git submodule update

# Build the compiler. You'll want ccache configured to make this fast!
cmake --build ../iree-build/ --target iree-compile || skip_on_error "CMake build failed"

# Run the compiler, dumping executable sources and stopping.
echo "** Running iree-compile at ${GIT_SHA}, dumping sources to ${SOURCES_DIR} **"
../iree-build/tools/iree-compile \
    ${COMPILER_FLAGS[@]} \
    --iree-hal-dump-executable-sources-to=${SOURCES_DIR} \
    --compile-to=executable-sources \
    -o /dev/null

# Run the compiler again on each executable individually.
echo "** Running iree-compile at ${GIT_SHA} for each executable source **"
for SOURCE in "${SOURCES[@]}"; do
  echo "  * Compiling: ${SOURCE} *"
   ../iree-build/tools/iree-compile ${SOURCES_DIR}/${SOURCE} \
    ${COMPILER_FLAGS[@]} \
    --compile-mode=hal-executable \
    -o /dev/null

Profiling and tracinglink

If you want to understand why the compiler is fast or slow, or if you want to compare performance in detail between two versions, consider these profiling options.

MLIR pass timinglink

The -mlir-timing flag enables Pass Timing instrumentation. Once the compiler finishes running, this prints a report like

                      ... Pass execution timing report ...
  Total Execution Time: 0.0203 seconds

   ---Wall Time---  --- Name ---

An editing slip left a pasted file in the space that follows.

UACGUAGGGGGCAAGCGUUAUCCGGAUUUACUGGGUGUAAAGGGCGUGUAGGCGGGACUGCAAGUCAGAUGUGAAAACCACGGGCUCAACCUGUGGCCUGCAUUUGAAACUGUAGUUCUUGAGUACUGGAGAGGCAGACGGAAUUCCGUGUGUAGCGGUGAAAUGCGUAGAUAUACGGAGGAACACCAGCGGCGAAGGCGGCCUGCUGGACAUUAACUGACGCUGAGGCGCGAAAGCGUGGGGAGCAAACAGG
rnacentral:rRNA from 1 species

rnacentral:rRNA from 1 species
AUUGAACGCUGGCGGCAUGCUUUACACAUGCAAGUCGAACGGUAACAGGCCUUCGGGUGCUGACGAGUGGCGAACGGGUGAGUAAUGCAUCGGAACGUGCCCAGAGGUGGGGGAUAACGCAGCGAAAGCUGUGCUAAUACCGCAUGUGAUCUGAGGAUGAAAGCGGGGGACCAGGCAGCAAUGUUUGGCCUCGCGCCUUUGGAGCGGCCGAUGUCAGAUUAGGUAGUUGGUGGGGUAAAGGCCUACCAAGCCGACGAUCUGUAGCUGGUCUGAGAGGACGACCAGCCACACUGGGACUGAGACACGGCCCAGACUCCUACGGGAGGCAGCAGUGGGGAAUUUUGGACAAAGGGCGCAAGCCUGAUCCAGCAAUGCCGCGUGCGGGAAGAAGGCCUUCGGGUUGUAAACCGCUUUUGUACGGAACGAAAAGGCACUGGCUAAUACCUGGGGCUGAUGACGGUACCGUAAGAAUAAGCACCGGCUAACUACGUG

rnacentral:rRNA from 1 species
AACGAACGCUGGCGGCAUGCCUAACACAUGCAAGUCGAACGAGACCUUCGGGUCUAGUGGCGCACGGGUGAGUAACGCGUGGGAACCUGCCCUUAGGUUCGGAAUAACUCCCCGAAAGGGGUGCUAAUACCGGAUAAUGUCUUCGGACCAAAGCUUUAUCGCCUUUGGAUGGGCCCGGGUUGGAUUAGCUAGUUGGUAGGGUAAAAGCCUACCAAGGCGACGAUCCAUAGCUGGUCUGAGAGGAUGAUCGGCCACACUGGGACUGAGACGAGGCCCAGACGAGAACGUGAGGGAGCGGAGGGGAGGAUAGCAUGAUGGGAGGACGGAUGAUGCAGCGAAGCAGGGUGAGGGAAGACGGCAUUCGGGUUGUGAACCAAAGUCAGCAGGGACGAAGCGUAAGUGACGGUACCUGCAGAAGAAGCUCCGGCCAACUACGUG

0.0047 ( 55.9%)  Canonicalizer
   0.0019 ( 22.2%)  VerifierPass
   0.0016 ( 18.5%)  LLVMLoweringPass
   0.0003 (  3.4%)  CSE
   0.0002 (  1.9%)  (A) DominanceInfo
   0.0084 (100.0%)  Total

This is easy data to collect, especially remotely over SSH, but it might not paint a complete picture and requires waiting for compilation to finish.

Using Tracylink

See our documentation on profiling with Tracy, in particular the section on tracing iree-compile. For compile time regressions, pay particular attention to the compilation phases (Flow/Stream/HAL), how many times TranslateExecutablesPass runs, and if there are outlier passes that take significantly longer to run than others.

Here are some previous analyses for inspiration:

Example slow trace:

slow trace

Example fast trace:

fast trace

Example sampling statistics showing 10s of minutes in LLVM codegen:

slow LLVM codegen

Using perf and pproflink

These linux tools allow for fine-grained profiling. Below we present a list of steps to profile iree-compile and visualize the results as a flame graph.

  1. Compile IREE tools with debug information (line tables at minimum) and frame pointers. You can do that by selecting the RelWithDebInfo build type and adding -fno-omit-frame-pointers to your compiler flags:

    cmake <Your-CMAKE-Flags> \
       -DCMAKE_BUILD_TYPE=RelWithDebInfo \
       -DCMAKE_CXX_FLAGS="-fno-omit-frame-pointer" \
  2. Set perf event scope/access to the appropriate level with perf_event_paranoid.

    echo 0 | sudo tee /proc/sys/kernel/perf_event_paranoid
  3. Run iree-compile under the perf profiler and collect profile data. This requires sudo.

    sudo perf record -F 999 -g -- tools/iree-compile <Your-Compile-Arguments>
    sudo chown "$USER:$USER"
  4. Use pprof to process from the previous step and start a local http server with the visualized profile. See the pprof's README for installation instructions and make sure to build perf_data_converter and add it to your PATH.

    pprof -http ':'

Stepping through compiler IRlink

Debugging an MLIR-based compiler like IREE usually involves reading IR at some point. For compile time regressions, it helps to snapshot the IR at a few key phases and look for differences between fast compilation and slow compilation.

Here is one useful flag combination:

--mlir-disable-threading \
--mlir-elide-elementsattrs-if-larger=8 \